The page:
We passed under the portcullis, and Hunter said, “You will remain close to me. Until I can find a suitable replacement, I will be your guard… Starting once I take care of the horses.”

Any urge I had to demand the privilege to yell at the stablemaster died in my throat at the cold sheen over his eyes. Instead, I swallowed and whispered, “Sir.”

I had the feeling that the stablemaster was going to get much more than anything I had the heart to adminster.

Two guards dressed in red uniforms approached my horse; one took her head and the other offered me help down. One was foreign, one was native. I was very careful to not look over my shoulder as they guided me through the hallways I knew better than they did. We were going to the chancellor’s lounge. I had helped the head maid clean it on several occasions while the princess slept in—the woman had given me a few bits of silver that I could use in secret, away from the prying eyes of the princess. The lounge was the size of most nice houses, having two stories and a loft. There was a den, a parlor, three bedrooms, a one-room library, and a spare room. The queen’s suite had not been so extensive, though it did have a private garden that the chancellor’s lounge lacked.

“I would like to go to the sick wing first,” I said.

The guards turned close-cut heads to see what the other thought.

I spoke up before they could come to their own decision. “It isn’t a request. Hilda can come with us to the lounge. Or one of you can go get her while I go to quarters. And I’ll take on any of Hunter’s wrath, if you’re concerned about that.”

They were concerned about that, and with any sense or reason, I should be as well. They hesitated, and I wondered if they were accustomed to working together or if they shared a brain.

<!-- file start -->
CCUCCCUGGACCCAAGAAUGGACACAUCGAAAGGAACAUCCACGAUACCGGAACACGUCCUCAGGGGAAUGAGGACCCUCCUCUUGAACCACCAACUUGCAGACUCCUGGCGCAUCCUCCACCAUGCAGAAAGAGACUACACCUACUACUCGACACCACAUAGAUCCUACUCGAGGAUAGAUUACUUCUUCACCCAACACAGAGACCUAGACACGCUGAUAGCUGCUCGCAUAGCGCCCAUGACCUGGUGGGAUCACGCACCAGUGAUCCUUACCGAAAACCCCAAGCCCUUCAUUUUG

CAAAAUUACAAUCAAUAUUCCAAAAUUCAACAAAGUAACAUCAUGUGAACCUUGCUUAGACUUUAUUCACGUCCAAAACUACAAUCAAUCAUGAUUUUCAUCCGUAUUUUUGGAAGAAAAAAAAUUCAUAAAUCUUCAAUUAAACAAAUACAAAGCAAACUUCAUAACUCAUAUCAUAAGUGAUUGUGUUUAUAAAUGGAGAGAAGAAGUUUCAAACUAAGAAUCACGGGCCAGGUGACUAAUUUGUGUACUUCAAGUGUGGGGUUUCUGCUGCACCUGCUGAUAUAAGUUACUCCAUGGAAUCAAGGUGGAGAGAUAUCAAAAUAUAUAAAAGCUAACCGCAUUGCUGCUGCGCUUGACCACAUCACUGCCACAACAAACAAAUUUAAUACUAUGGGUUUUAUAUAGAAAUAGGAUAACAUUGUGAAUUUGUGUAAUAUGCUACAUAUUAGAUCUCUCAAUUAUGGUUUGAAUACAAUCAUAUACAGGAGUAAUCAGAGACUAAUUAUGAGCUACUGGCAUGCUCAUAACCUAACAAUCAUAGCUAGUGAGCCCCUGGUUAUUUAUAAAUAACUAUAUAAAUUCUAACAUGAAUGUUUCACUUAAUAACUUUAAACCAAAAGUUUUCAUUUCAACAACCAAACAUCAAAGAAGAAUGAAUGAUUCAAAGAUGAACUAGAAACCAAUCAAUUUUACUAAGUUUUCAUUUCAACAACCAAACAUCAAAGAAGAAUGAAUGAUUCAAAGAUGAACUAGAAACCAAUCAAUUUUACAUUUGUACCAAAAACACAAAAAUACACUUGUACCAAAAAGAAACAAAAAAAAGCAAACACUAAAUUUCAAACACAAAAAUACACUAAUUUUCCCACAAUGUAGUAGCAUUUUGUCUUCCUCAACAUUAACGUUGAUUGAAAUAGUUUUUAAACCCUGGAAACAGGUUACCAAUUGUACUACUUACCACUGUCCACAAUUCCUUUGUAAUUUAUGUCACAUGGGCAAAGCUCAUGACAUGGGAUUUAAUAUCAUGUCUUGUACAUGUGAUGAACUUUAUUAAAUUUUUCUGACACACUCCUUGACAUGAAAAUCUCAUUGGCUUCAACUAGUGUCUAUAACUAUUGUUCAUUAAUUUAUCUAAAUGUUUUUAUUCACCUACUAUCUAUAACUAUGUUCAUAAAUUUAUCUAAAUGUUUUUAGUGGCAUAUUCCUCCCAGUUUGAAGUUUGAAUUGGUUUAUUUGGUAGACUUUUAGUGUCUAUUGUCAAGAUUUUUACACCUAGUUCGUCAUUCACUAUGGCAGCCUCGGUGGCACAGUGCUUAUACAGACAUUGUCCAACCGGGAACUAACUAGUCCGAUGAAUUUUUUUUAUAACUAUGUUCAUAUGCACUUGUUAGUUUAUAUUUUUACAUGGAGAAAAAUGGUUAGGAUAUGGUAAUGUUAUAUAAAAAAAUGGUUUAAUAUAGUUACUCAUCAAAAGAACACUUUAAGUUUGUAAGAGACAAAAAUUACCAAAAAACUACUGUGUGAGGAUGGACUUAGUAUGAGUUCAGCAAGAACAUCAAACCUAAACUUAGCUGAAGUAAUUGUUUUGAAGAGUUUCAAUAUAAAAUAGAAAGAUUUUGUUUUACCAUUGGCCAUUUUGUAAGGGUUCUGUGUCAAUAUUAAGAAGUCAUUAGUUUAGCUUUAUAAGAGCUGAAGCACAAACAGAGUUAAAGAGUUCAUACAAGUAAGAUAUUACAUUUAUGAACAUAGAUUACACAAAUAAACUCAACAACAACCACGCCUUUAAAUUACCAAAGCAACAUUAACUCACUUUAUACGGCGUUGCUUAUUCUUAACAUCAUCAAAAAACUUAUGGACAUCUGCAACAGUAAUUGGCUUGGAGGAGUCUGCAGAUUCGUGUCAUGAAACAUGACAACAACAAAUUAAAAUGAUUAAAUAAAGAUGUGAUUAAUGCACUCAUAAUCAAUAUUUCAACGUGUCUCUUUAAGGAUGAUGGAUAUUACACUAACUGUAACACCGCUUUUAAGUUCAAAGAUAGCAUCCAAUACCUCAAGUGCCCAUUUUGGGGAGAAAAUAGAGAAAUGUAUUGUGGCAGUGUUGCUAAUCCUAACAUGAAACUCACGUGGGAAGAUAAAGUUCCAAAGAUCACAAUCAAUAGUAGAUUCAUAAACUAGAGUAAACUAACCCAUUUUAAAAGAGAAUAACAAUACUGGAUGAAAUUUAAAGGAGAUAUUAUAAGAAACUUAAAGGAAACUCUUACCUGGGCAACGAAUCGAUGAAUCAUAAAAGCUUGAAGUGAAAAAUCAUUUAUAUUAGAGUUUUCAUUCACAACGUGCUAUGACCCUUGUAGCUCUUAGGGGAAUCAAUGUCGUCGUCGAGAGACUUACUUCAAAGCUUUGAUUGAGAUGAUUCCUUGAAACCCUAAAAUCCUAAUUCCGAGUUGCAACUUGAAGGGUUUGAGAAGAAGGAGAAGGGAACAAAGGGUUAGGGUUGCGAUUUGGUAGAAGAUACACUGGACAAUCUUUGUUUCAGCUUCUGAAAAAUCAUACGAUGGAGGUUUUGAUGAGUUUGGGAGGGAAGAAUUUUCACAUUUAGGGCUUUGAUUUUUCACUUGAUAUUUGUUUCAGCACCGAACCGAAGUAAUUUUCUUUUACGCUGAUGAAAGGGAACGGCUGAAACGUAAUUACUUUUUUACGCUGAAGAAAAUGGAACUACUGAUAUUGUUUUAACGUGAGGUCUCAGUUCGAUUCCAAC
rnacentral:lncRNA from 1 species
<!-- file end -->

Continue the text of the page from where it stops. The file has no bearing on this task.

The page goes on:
One of them shrugged, and made a turn down to the sick wing.

Within minutes, I stood in the doorway with the sounds of muffled coughs reaching me. The room was very full, every cot taken by three people sitting side by side, and a narrow isle cut through the bodies of people standing. Most all of the patients had darker hair and a tanned complexion. I looked to the foreign guard. “What is going on here?”

He shrugged. “My guess is the weather has been a little too temperamental lately.”

“Still want to wait in line?” asked the other.

I ignored him, politely elbowing my way through the crowd until I reached the tall woman barely enduring the wines of a much-less-sick-than-others man. “Hilda?”

She gladly turned away from him, her faced washed with relief. “I’m so glad you’re back! Any poisons? Bad injuries?”

“Scrapes, bruises, and saddle sores. Nothing I can’t take care of, but I need some disinfectant, a salve, and a wrap. I see you’re busy.”

The woman reached onto a shelf I’d never be able to come near without a ladder—it must be nice being so tall—and grabbed a satchel down for me. “They all came in last night and this morning. Coughing, sneezing, teary eyes, fevers, aches and pains…it doesn’t seem like much, but the ones who came in yesterday are so hot that we have children gathering snowballs for ice packs. I haven’t seen anything quite like this, and I’m worried.”

I took the bundle and checked that it had what I needed. It did, and more. “Thank you. And ask around the street for a lady named Deann, she makes something called Fever Blankets. They wick away the heat better than anything else, they’re made from a local plant, but don’t use any with stripes. Just the white ones.”

She made a note on a scrap of parchment. “I’ll check on you two once things have calmed down.”

My guards caught up with me in time for me to turn around. “Let’s go.”